"You get to the stage where you're completely exposed. You enter a kind of
natural high and start forgetting the pain. It's the ultimate in honesty."
The toughness acquired in the dojo (training room)
naturally spills over into everyday life. "My weaknesses as a human being
are also my weaknesses when I'm doing kendo." Kendo identifies the four main
weaknesses (shikai) as becoming surprised, confused,
doubtful, and scared.
"If you become confused or flustered even for a split second, that is when
your opponent is going to hurt you. As I overcome the weaknesses in kendo, hopefully
I'll overcome them in other respects as well. That's why you get hooked on it.
Kendo has become a barometer of life."
Another valuable lesson kendo holds is the view of one's opponent not as an enemy
but as a cooperator. "You're always communicating with two people: your opponent
and yourself. You're able to push yourself because you have an opponent. That
person is helping you. The ultimate goal is to make yourself a better person.
And if you become a better person, then society becomes a better place as a result
Despite his deep passion for kendo, the attraction was not immediate. "I
hated it at first," he recalls. "I came to Japan as an exchange student
for one year in Chiba, and to be honest I really wanted to play soccer. But I
saw the state of the grounds and gave up."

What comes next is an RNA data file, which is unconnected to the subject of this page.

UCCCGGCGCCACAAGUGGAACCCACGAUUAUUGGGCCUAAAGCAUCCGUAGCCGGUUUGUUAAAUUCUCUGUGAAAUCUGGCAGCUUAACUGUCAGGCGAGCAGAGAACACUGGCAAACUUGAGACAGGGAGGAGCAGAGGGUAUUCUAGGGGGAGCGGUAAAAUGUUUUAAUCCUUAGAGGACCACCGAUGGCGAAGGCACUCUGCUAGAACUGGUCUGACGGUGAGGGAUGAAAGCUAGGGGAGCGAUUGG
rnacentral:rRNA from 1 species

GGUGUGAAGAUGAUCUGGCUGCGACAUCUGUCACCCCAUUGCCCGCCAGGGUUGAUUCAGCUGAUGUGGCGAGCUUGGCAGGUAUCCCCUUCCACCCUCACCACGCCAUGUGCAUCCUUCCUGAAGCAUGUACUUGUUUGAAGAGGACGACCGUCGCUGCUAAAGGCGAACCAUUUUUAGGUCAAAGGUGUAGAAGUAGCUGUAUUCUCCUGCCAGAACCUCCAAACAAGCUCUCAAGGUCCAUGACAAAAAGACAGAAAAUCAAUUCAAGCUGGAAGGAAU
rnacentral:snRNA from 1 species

His host mother suggested doing something traditionally Japanese. "At my
school there was judo and kendo, and I took the more kakkoii
[cool] version that reminded me of Star Wars."
Appearances, though, cloaked a less enchanting reality. "It was hot. It was
smelly. It was noisy. And the teacher was very frightening. But before long I
became hooked. The friends I made in the club were doing the same hard training
day in and day out, and I formed a strong bond with them."
But it was not until he returned to New Zealand that he realized how much kendo
actually meant. "I was happy at first that I didn't have to do it anymore,
but after a while I started getting unsettled. It had been such an important part
of my life. I was going through withdrawal symptoms."
He visited a martial arts shop in Christchurch, whose owner suggested creating
a kendo club. "He gave me a few phone numbers. I rang these people up and
created a small club." Before long he was flooded with inquiries from people
who were interested in joining.
"I was really surprised at the interest that was there. I was just 18 at
the time and wasn't really in an instructing position, especially when these older
people started asking me about the more philosophical, spiritual aspects of the